But once you recognize homosexuality as a genetic reality, it does create a theological dilemma for the Mohlers among us, for it means that God is making people who, in the midst of what may otherwise be morally exemplary lives, have a special and inherent predisposition to sin. Mohler's response is that since Adam's fall, sin is the condition of all humankind. That sidesteps, however, the conundrum that a gay person may follow the same God-given instincts as a straight person -- let's assume fidelity and the desire for church sanctification in both cases -- and end up damned while the straight person ends up saved. Indeed, it means that a gay person's duty is to suppress his God-given instincts while a straight person's duty is to fulfill his.
We know that many alcoholics have a special and inherent predisposition to sin due to their genes. We may someday find that senior citizens who are sexually attracted to 15-year-old girls have a genetic predisposition (technically, all straight men are genetically predisposed to want to have sex with a female who looks like she can breed). That doesn't remove moral culpability from those who cannot control their consumption of alcohol, or from adults who try to have sex with 15-year-olds. People can stop themselves from having sex with minors, or with people of the opposite sex, or with people of the same sex.

The question is not "with whom are you genetically driven to want to have sex?" It is "with whom is your desire to have sex superseded by the moral impermissibility of having sex with that person?" Sex with someone who is not yet fully physically developed (15 year old girls aren't ideal babymakers, despite the urges of human sexuality), nor sufficiently aware of the social, emotional and health effects of sex, has been deemed wrong in the United States. For conservatives, having sex with someone of the same sex -- even if you got married in Massachusetts, by a liberal preacher, and are much better at sexual fidelity than the majority of straight couples -- is always morally wrong. They aren't going to stop thinking it's wrong merely because someone has a genetic predisposition to do it. So Meyerson would be more helpful if he could convince Rev. R. Albert Mohler Jr. that there is no reason to discriminate between men and women in determining whether someone is morally permissible for you to sleep with; that the categories of male and female lack moral content relevant to whether one should prefer sex with one or the other.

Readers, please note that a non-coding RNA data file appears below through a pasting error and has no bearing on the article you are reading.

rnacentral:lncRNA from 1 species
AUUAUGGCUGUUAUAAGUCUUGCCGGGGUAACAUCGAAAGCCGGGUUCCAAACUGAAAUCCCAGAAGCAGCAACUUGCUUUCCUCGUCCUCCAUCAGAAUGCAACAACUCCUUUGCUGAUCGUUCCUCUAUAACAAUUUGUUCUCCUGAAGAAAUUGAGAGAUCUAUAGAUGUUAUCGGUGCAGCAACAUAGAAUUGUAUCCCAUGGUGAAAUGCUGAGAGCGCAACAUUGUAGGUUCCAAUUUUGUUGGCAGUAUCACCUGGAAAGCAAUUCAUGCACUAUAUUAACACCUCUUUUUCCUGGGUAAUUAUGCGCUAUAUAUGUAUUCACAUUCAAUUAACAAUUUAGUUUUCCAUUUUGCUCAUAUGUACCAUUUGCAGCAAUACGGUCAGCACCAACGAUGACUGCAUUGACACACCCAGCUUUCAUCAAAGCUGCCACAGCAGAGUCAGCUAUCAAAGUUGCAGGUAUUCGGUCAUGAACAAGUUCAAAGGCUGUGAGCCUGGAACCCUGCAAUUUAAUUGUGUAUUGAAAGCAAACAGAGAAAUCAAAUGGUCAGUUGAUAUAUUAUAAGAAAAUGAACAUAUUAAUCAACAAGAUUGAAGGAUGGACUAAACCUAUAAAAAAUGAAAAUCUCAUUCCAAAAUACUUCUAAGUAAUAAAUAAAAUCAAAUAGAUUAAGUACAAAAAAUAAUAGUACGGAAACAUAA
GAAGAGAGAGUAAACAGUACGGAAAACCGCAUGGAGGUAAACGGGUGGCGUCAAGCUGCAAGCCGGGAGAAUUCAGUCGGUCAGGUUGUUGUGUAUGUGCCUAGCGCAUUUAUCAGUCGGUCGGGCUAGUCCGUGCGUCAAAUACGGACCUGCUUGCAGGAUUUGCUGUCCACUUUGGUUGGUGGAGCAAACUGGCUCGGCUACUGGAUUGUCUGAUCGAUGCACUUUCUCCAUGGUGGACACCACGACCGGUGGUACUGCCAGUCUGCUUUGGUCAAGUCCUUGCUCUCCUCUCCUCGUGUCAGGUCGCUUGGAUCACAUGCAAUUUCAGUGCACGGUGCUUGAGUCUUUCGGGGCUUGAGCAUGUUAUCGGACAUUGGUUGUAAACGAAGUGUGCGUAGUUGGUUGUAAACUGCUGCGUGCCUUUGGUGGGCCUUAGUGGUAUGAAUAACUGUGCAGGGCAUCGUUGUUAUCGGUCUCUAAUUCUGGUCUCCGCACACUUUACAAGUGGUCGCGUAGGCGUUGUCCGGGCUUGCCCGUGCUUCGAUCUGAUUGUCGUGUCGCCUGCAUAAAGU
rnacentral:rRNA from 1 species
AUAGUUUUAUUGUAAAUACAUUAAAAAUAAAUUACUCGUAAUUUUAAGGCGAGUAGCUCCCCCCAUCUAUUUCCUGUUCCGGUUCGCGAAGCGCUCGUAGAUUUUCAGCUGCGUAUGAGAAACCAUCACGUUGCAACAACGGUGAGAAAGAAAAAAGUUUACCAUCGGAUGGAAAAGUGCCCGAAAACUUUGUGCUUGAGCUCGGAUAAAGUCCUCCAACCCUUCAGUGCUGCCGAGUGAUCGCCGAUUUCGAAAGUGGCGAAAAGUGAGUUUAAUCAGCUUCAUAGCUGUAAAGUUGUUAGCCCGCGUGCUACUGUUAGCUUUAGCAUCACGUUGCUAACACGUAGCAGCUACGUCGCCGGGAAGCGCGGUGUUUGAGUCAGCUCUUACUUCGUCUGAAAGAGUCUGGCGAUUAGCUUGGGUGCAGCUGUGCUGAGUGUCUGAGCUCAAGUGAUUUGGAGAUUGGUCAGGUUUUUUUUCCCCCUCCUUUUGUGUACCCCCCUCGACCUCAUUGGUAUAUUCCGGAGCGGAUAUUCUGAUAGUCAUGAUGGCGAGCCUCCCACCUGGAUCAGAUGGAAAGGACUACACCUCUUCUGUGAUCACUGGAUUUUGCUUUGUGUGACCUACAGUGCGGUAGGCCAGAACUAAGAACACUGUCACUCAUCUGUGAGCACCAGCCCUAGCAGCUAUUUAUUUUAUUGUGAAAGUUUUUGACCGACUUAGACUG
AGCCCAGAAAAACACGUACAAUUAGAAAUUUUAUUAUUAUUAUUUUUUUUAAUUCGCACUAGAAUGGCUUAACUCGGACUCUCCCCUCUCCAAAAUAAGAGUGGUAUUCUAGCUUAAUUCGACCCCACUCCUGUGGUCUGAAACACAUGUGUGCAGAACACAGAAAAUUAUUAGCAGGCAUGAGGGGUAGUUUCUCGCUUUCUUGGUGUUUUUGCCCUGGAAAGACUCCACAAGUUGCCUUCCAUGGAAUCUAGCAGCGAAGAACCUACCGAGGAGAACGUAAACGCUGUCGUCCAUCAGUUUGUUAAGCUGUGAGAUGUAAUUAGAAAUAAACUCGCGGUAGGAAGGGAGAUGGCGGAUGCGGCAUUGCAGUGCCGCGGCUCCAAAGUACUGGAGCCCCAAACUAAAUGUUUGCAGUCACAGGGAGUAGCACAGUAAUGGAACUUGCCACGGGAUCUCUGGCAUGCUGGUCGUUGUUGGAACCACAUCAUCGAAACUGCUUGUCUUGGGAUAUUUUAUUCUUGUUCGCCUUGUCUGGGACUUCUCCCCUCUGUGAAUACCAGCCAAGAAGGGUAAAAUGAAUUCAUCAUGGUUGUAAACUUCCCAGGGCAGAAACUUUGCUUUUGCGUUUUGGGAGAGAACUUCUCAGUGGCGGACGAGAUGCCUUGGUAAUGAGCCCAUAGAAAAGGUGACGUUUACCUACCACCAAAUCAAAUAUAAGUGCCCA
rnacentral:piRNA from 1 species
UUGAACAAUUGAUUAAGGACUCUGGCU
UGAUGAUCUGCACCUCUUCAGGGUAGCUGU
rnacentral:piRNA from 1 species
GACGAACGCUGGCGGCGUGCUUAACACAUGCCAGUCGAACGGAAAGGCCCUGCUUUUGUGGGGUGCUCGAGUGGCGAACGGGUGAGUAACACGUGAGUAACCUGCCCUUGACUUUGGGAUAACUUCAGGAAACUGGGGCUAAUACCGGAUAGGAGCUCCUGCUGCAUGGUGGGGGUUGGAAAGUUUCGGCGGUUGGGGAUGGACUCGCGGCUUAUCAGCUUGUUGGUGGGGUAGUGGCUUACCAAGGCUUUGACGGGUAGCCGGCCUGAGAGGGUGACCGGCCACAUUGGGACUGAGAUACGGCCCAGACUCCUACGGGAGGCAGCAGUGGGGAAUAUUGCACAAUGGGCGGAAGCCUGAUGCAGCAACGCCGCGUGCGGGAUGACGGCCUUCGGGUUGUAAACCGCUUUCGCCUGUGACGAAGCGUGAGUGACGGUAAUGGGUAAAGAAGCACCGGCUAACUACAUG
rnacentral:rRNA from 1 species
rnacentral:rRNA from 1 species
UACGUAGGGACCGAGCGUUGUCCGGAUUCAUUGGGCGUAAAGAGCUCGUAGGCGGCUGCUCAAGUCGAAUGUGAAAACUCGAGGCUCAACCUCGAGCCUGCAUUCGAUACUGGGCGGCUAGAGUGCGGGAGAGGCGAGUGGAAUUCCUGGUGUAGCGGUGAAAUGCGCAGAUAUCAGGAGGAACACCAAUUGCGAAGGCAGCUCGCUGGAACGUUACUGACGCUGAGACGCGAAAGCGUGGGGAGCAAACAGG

I don't hold out much hope for this among Southern Baptists, given that they think that the categories of male and female hold moral content that excludes women from ordination in the church as pastors and that make wives submit to their husbands but not vice versa. In my experience, people who think that men are responsible for X and women are responsible for Y are not going to be able to wrap their minds around the concept that both men and women can do both X and Y well, and therefore a representative of each sex is not required. Someone who declaims that mothers' role is to nurture and fathers' to discipline is not worth trying to convince about the virtues of same-sex marriage and parenting.

* In fairness to Utah, the legislation also forbids a club that promotes bigotry, which "means action or advocacy of imminent action involving the harassment or denigration of persons or entities, including harassment or denigration based upon race, religion, national origin, gender, disability, or sexual orientation." Although I'm not quite sure what the part immediately following, which says, "an evaluation or prohibition may not be made of the truth or falsity of any religious belief or expression of conscience unless the means of expression or conduct arising therefrom violates the standards of conduct outlined in this section," affects the anti-bigotry provision. It implies that I can start a "Baptists Against Gays" ladies' club on the ground that I'm not encouraging harassment or denigration of homosexuals, I just want them to stop being homosexuals.

March 21, 2007 06:42 PM | TrackBack